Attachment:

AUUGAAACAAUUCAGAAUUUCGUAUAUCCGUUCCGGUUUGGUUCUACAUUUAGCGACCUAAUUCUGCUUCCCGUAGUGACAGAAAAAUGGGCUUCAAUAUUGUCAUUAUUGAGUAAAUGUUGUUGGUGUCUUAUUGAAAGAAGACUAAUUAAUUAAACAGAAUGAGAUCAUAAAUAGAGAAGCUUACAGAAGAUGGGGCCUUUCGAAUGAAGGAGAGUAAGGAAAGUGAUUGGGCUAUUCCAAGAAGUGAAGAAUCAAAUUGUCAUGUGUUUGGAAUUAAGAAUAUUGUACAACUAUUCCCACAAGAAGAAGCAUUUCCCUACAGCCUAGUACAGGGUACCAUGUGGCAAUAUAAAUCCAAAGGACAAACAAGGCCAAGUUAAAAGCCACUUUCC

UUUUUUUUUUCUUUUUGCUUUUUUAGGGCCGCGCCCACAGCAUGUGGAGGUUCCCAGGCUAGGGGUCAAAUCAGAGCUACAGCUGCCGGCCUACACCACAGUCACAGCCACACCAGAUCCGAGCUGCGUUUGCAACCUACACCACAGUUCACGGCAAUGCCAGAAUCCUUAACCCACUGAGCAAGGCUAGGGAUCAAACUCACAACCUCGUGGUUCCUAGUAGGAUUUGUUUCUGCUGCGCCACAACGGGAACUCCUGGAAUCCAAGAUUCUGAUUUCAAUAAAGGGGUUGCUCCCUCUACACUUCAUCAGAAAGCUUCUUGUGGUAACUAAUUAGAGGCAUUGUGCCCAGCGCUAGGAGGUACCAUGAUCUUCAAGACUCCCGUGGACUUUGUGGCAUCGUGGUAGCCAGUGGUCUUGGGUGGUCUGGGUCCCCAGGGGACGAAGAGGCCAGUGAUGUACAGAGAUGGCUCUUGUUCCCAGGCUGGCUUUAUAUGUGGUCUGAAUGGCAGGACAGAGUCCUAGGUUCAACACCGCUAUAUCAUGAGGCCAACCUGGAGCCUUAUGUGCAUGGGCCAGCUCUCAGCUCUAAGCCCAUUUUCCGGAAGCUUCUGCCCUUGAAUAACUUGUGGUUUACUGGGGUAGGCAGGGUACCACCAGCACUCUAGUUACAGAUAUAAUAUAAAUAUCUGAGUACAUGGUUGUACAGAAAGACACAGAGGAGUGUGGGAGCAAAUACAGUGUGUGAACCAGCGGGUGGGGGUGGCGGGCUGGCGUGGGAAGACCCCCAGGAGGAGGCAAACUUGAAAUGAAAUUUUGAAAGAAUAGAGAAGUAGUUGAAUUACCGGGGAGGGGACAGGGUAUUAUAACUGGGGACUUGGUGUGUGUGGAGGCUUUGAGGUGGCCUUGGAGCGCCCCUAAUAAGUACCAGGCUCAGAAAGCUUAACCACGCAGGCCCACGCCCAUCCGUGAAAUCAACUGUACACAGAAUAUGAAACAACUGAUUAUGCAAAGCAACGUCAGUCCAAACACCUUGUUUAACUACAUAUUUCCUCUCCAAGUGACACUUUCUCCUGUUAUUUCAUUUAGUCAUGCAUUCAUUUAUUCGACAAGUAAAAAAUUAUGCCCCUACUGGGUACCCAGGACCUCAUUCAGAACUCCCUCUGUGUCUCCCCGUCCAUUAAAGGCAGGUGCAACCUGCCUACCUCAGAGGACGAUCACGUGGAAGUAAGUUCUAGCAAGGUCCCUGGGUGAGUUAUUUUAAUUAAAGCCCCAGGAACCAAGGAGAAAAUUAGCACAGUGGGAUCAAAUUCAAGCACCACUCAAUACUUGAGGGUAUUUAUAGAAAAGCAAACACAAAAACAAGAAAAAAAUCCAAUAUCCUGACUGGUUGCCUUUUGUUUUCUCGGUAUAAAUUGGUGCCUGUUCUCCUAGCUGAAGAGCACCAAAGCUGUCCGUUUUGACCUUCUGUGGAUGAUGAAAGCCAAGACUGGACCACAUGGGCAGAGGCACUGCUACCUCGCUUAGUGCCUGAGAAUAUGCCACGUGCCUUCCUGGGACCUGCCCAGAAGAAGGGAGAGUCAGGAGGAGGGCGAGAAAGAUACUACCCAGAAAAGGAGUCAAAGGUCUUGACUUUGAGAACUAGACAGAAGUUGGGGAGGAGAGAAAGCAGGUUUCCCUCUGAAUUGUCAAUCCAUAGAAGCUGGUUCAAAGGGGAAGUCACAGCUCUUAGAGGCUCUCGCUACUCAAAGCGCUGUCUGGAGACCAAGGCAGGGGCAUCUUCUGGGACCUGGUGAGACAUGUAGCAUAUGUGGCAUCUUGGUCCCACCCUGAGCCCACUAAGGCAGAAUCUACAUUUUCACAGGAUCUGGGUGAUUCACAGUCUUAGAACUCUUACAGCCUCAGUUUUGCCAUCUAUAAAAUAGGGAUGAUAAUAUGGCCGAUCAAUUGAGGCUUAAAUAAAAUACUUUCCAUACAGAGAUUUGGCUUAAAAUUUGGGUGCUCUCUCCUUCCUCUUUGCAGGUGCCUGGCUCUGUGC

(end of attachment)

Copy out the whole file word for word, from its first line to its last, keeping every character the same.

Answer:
AUUGAAACAAUUCAGAAUUUCGUAUAUCCGUUCCGGUUUGGUUCUACAUUUAGCGACCUAAUUCUGCUUCCCGUAGUGACAGAAAAAUGGGCUUCAAUAUUGUCAUUAUUGAGUAAAUGUUGUUGGUGUCUUAUUGAAAGAAGACUAAUUAAUUAAACAGAAUGAGAUCAUAAAUAGAGAAGCUUACAGAAGAUGGGGCCUUUCGAAUGAAGGAGAGUAAGGAAAGUGAUUGGGCUAUUCCAAGAAGUGAAGAAUCAAAUUGUCAUGUGUUUGGAAUUAAGAAUAUUGUACAACUAUUCCCACAAGAAGAAGCAUUUCCCUACAGCCUAGUACAGGGUACCAUGUGGCAAUAUAAAUCCAAAGGACAAACAAGGCCAAGUUAAAAGCCACUUUCC

UUUUUUUUUUCUUUUUGCUUUUUUAGGGCCGCGCCCACAGCAUGUGGAGGUUCCCAGGCUAGGGGUCAAAUCAGAGCUACAGCUGCCGGCCUACACCACAGUCACAGCCACACCAGAUCCGAGCUGCGUUUGCAACCUACACCACAGUUCACGGCAAUGCCAGAAUCCUUAACCCACUGAGCAAGGCUAGGGAUCAAACUCACAACCUCGUGGUUCCUAGUAGGAUUUGUUUCUGCUGCGCCACAACGGGAACUCCUGGAAUCCAAGAUUCUGAUUUCAAUAAAGGGGUUGCUCCCUCUACACUUCAUCAGAAAGCUUCUUGUGGUAACUAAUUAGAGGCAUUGUGCCCAGCGCUAGGAGGUACCAUGAUCUUCAAGACUCCCGUGGACUUUGUGGCAUCGUGGUAGCCAGUGGUCUUGGGUGGUCUGGGUCCCCAGGGGACGAAGAGGCCAGUGAUGUACAGAGAUGGCUCUUGUUCCCAGGCUGGCUUUAUAUGUGGUCUGAAUGGCAGGACAGAGUCCUAGGUUCAACACCGCUAUAUCAUGAGGCCAACCUGGAGCCUUAUGUGCAUGGGCCAGCUCUCAGCUCUAAGCCCAUUUUCCGGAAGCUUCUGCCCUUGAAUAACUUGUGGUUUACUGGGGUAGGCAGGGUACCACCAGCACUCUAGUUACAGAUAUAAUAUAAAUAUCUGAGUACAUGGUUGUACAGAAAGACACAGAGGAGUGUGGGAGCAAAUACAGUGUGUGAACCAGCGGGUGGGGGUGGCGGGCUGGCGUGGGAAGACCCCCAGGAGGAGGCAAACUUGAAAUGAAAUUUUGAAAGAAUAGAGAAGUAGUUGAAUUACCGGGGAGGGGACAGGGUAUUAUAACUGGGGACUUGGUGUGUGUGGAGGCUUUGAGGUGGCCUUGGAGCGCCCCUAAUAAGUACCAGGCUCAGAAAGCUUAACCACGCAGGCCCACGCCCAUCCGUGAAAUCAACUGUACACAGAAUAUGAAACAACUGAUUAUGCAAAGCAACGUCAGUCCAAACACCUUGUUUAACUACAUAUUUCCUCUCCAAGUGACACUUUCUCCUGUUAUUUCAUUUAGUCAUGCAUUCAUUUAUUCGACAAGUAAAAAAUUAUGCCCCUACUGGGUACCCAGGACCUCAUUCAGAACUCCCUCUGUGUCUCCCCGUCCAUUAAAGGCAGGUGCAACCUGCCUACCUCAGAGGACGAUCACGUGGAAGUAAGUUCUAGCAAGGUCCCUGGGUGAGUUAUUUUAAUUAAAGCCCCAGGAACCAAGGAGAAAAUUAGCACAGUGGGAUCAAAUUCAAGCACCACUCAAUACUUGAGGGUAUUUAUAGAAAAGCAAACACAAAAACAAGAAAAAAAUCCAAUAUCCUGACUGGUUGCCUUUUGUUUUCUCGGUAUAAAUUGGUGCCUGUUCUCCUAGCUGAAGAGCACCAAAGCUGUCCGUUUUGACCUUCUGUGGAUGAUGAAAGCCAAGACUGGACCACAUGGGCAGAGGCACUGCUACCUCGCUUAGUGCCUGAGAAUAUGCCACGUGCCUUCCUGGGACCUGCCCAGAAGAAGGGAGAGUCAGGAGGAGGGCGAGAAAGAUACUACCCAGAAAAGGAGUCAAAGGUCUUGACUUUGAGAACUAGACAGAAGUUGGGGAGGAGAGAAAGCAGGUUUCCCUCUGAAUUGUCAAUCCAUAGAAGCUGGUUCAAAGGGGAAGUCACAGCUCUUAGAGGCUCUCGCUACUCAAAGCGCUGUCUGGAGACCAAGGCAGGGGCAUCUUCUGGGACCUGGUGAGACAUGUAGCAUAUGUGGCAUCUUGGUCCCACCCUGAGCCCACUAAGGCAGAAUCUACAUUUUCACAGGAUCUGGGUGAUUCACAGUCUUAGAACUCUUACAGCCUCAGUUUUGCCAUCUAUAAAAUAGGGAUGAUAAUAUGGCCGAUCAAUUGAGGCUUAAAUAAAAUACUUUCCAUACAGAGAUUUGGCUUAAAAUUUGGGUGCUCUCUCCUUCCUCUUUGCAGGUGCCUGGCUCUGUGC